Academic dishonesty is to knowingly act or fail to act in a way that results or could result in unearned academic credit or advantage. This behaviour can result in serious consequences, e.g. the grade of zero on an assignment, loss of credit with a notation on the transcript (notation reads: "Grade of F assigned for academic dishonesty"), and/or suspension or expulsion from the university.

It is your responsibility to understand what constitutes academic dishonesty. For information on the various types of academic dishonesty please refer to the Academic Integrity Policy, located at

The following illustrates only three forms of academic dishonesty:

  1. Plagiarism, e.g. the submission of work that is not one’s own or for which other credit has been obtained.
  2. Improper collaboration in group work.
  3. Copying or using unauthorized aids in tests and examinations.

Email correspondence policy

It is the policy of the Faculty of Humanities that all email communication sent from students to instructors (including TAs), and from students to staff, must originate from each student’s own McMaster University email account. This policy protects confidentiality and confirms the identity of the student.  Instructors will delete emails that do not originate from a McMaster email account.

Modification of course outlines

The University reserves the right to change dates and/or deadlines etc. for any or all courses in the case of an emergency situation or labour disruption or civil unrest/disobedience, etc. If a modification becomes necessary, reasonable notice and communication with the students will be given with an explanation and the opportunity to comment on changes. Any significant changes should be made in consultation with the Department Chair.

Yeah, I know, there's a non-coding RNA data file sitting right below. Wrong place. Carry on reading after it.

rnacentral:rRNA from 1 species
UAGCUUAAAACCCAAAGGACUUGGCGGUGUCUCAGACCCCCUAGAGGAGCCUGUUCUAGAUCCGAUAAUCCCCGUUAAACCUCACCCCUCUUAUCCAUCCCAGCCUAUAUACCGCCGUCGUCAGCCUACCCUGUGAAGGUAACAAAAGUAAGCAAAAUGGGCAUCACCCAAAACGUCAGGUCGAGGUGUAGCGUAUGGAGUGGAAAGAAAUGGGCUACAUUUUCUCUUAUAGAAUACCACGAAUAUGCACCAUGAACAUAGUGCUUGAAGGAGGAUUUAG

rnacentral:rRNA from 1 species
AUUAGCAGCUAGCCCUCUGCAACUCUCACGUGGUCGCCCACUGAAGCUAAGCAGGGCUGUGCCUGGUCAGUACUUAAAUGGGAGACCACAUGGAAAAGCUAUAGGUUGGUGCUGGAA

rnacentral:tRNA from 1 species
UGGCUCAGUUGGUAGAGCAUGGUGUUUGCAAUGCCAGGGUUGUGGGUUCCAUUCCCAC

McMaster Student Absence Form (MSAF)

In the event of an absence for medical or other reasons, students should review and follow the Academic Regulation in the Undergraduate Calendar Requests for Relief for Missed Academic Term Work. Please note these regulations have changed beginning Fall 2015. You can find information at If you have any questions about the MSAF, please contact your Associate Dean's office.

Academic Accommodation of Students with Disabilities

Students who require academic accommodation must contact Student Accessibility Services (SAS) to make arrangements with a Program Coordinator. Academic accommodations must be arranged for each term of study. Student Accessibility Services can be contacted by phone 905-525-9140 ext. 28652 or e-mail For further information, consult McMaster University's Policy for Academic Accommodation of Students with Disabilities.

Academic Accommodation for Religious, Indigenous and Spiritual Observances

Students requiring academic accommodation based on religion and spiritual observances should follow the procedures set out in the Course Calendar or by their respective Faculty. In most cases, the student should contact his or her professor or academic advisor as soon as possible to arrange accommodations for classes, assignments, tests and examinations that might be affected by a religious holiday or spiritual observance.

Topics and Readings:

Focus of lectures will be posted on Avenue to Learn.